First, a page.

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Winter 2013 Issue
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Children the winners in data linkage project

A University of Adelaide project to link information from multiple government databases could have major benefits for child health development and the delivery of support services.

For the past three years Professor John Lynch has been steadily navigating his way through an administrative jungle.

He's been liaising with multiple government agencies, talking with lawyers and ethics specialists, dealing with technology experts and lobbying leaders in health and education.

The subject - making better use of the masses of government data on child health and development.

From the time a child is conceived and during key stages of life, various federal and state agencies are collecting data.

Such information provides valuable insights into a child's progress and supports the delivery of government services. But there is one major flaw in the system - none of these separate packages of information is linked.

"Currently systems don't talk to each other because governments don't have integrated data systems," Professor Lynch said.

"Consequently, tracking the longer-term success or otherwise of new programs in public health and education, and assessing the impacts they are having on children, is very difficult.

"What we're doing is providing the links to identify groups of kids who aren't doing well, finding out how we can help them better prepare for school and giving them more life chances. That's really at the core of what this is all about
- and it's a very efficient way of doing it."

A trained epidemiologist and Professor of Public Health at the University of Adelaide, Professor Lynch began his work on the Early Childhood Data Linkage Project after being awarded funding through a prestigious National Health and Medical Research Council Australia Fellowship in 2009.

His project has now been given an additional $273,131 from the Federal Government's Partnerships for Better Health program plus $180,000 from State Government partners.

It's a whole-of-population study which captures more than 240,000 children up to the age of 13 born in South Australia since 1999.

Professor Lynch is also one of the leads on a mirror project in the Northern Territory which has a particular focus on indigenous communities and involves about 4000 children.

In total the project is linking together data on cohorts of children from 13 separate state and federal sources.

It covers the perinatal period, health facts about the mother and data collected through the Child and Family Health Programs, any hospitalisation or emergency admissions, and results of four-year-old health checks at kindergarten involving health, growth, vision and hearing.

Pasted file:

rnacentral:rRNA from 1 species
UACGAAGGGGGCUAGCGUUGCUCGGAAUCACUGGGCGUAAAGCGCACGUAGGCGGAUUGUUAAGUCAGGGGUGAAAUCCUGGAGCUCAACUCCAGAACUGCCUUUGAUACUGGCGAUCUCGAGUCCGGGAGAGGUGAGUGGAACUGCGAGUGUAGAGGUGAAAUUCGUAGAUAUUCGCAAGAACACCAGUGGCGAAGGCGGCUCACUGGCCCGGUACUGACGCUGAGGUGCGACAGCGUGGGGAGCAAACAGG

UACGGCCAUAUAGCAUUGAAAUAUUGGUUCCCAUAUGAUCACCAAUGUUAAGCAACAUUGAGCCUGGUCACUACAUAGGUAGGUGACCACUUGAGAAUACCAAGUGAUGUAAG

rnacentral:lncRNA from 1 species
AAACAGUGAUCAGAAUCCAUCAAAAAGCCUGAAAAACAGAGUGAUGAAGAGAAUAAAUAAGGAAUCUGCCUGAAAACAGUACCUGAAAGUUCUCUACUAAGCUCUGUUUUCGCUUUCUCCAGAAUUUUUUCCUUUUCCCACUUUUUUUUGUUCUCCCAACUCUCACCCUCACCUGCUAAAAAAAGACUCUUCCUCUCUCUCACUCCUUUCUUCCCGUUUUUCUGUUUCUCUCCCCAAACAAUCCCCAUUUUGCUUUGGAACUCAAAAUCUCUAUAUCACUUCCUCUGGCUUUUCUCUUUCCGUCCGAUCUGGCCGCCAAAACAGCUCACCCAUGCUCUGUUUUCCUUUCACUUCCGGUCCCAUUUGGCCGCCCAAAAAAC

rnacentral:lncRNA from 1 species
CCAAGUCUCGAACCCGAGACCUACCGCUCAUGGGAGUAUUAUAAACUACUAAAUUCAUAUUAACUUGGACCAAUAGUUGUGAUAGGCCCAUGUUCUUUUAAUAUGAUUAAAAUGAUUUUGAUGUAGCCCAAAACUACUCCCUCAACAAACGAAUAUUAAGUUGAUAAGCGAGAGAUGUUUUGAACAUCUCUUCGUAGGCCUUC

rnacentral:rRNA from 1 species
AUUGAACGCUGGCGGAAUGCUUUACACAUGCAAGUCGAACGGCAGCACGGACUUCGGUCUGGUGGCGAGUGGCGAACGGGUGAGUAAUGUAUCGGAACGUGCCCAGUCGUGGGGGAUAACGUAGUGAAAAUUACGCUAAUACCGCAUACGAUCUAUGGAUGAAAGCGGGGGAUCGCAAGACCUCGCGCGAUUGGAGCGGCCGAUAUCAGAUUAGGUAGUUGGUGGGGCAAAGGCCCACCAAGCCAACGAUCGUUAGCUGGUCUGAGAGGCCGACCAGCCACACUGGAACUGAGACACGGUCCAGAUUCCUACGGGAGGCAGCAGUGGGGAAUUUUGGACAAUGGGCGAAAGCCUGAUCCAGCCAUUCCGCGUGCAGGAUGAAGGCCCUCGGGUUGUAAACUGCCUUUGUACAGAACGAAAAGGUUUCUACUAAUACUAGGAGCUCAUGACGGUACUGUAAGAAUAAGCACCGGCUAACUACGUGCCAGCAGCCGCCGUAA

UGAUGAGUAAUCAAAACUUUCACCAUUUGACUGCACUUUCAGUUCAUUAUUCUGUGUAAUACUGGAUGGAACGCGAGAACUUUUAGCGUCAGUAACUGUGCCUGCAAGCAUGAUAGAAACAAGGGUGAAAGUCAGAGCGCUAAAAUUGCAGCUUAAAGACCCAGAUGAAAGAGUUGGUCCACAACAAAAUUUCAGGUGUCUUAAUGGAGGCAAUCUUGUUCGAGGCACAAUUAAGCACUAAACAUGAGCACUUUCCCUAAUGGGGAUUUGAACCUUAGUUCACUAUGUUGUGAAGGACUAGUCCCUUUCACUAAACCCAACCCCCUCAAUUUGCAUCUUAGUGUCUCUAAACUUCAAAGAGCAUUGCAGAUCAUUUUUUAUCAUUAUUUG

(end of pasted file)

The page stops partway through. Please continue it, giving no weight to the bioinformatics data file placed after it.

Then it takes in data collected from the school readiness census for the Australian Early Development Index and information from the National Assessment Program - Literacy and Numeracy (NAPLAN) conducted in years 3, 5, 7, and 9 at school.

All these sources help develop a broad picture of each cohort covering health, social and emotional development, and cognitive, language and general knowledge.

A major appeal of the project is that it re-uses and adds value to publicly funded data which already exists.

"By linking the data we'll have a local evidence base to inform how health, child development and early education services direct their efforts to where they are needed most to have the greatest impact," he said.

"Ultimately it's about supporting children's healthy development which is important for their readiness to learn and academic achievement at school."

While it sounds a great outcome, Professor Lynch has had to step through a quagmire of legalities and ethical issues to reach this stage.

"The plan is that the database is updated and keeps growing each year, but it has been common that ethics approvals are time limited and data sets have often been destroyed once the original purpose has been filled," he said.

"We've been working hard with ethics panels to impress on them that is for the public good and that because we're adding so much value it doesn't make any sense to destroy them.

The fact that all data is de-identified has been instrumental in overcoming objections. The focus is on general patterns of development among child cohorts and not on individual progress.

"We're not interested in identifying individuals, that's not what this is all about."

A defining feature of the project is that it merges data from two levels of government, including agencies within SA Health and the State Department for Education and Child Development, and also the Federal Department of Education, Employment and Workplace Relations.

Gaining access to those databases takes time and considerable trust-building with the individual data custodians. The project team must also be mindful of the quality of the data which was not collected for research purposes.

"We've been receiving cooperation from the highest level from the Premier, Ministers and chief executives - they get it and are very supportive," Professor Lynch said.
"However, we've had a mixed bag of support further down which is why the past three years have been so important in building trust with custodians."

Professor Lynch now has a team of about 10 researchers working on the project, some located within the government agencies.

"Most of the data is in and we're hoping to get some analysis done and have some quick wins," he said. "The end goal is to try and create a national system - and that opens up all sorts of possibilities."

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